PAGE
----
N.S. teen dubbed 'international master of memory'

Evan Xie says he won’t need to study for his upcoming Grade 10 history test. In fact, the Nova Scotia teen expects to be able to spit out all the relevant names and dates with perfect ease, thanks to his uncanny ability to memorize just about anything.

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That ability helped Xie, 16, earn the prestigious title of “International Master of Memory,” after joining the ranks of the elite at the World Memory Championships in China last month. Xie proved his mental mettle in 10 memory tests conducted over three days. The challenges included memorizing more than 1,000 numbers in an hour, and memorizing the order of 12 decks of cards with just 32 seconds to look at them.

Xie dazzled the judges with his skills, earning him the prestigious master of memory title – a distinction held by only 160 people in the world.

Speaking to CTV News Channel, the Chinese-born resident of Windsor, N.S., simply said it “feels so cool” to be recognized for his ability.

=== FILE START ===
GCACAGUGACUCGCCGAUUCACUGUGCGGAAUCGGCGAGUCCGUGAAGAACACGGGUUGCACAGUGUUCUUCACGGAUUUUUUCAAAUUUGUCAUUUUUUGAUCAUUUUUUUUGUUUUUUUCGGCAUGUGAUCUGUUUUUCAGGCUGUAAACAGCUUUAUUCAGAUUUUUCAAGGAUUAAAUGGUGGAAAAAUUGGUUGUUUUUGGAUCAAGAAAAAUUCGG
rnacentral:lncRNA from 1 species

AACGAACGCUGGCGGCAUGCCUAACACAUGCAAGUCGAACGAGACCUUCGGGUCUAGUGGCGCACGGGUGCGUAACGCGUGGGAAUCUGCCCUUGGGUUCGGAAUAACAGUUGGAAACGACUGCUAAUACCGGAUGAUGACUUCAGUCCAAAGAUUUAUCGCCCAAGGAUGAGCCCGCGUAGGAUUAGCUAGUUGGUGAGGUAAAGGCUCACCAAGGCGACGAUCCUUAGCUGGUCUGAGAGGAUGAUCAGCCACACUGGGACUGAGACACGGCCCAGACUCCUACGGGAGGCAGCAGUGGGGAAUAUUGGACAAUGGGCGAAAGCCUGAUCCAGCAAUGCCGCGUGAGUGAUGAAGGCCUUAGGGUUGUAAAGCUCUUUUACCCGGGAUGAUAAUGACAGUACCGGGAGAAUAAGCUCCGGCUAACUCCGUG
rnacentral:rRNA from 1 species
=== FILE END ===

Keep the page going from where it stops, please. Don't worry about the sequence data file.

Xie, whose second language is English, says he can’t really explain how his memory became so strong.

“I don’t know why. When I just was three years old, I can memorize a book,” he said. “And after two years, I can memorize numbers of cards, and now I almost can memorize anything.”

Xie likes to push himself to memorize a deck of cards in as little time as possible. That was one of the ways he trained for the competition, drilling himself with cards for hours each night.

“He was two hours a day every day for six months, preparing his mind, over and above being a regular student,” Chris Strickey, a teacher at King’s-Edgehill Private School, told CTV Atlantic.

“I’m good at some images, numbers. Lots of cards,” Xie said.

His personal best at the card-memorization game is 18 seconds, he says.

Xie says he plans to use his incredible powers of recollection to improve his grasp on the English language and excel at his studies – including the history test he has scheduled on Friday.

“I’m going to have a not-so-bad mark,” he said. “Maybe very good.”

With files from CTV Atlantic



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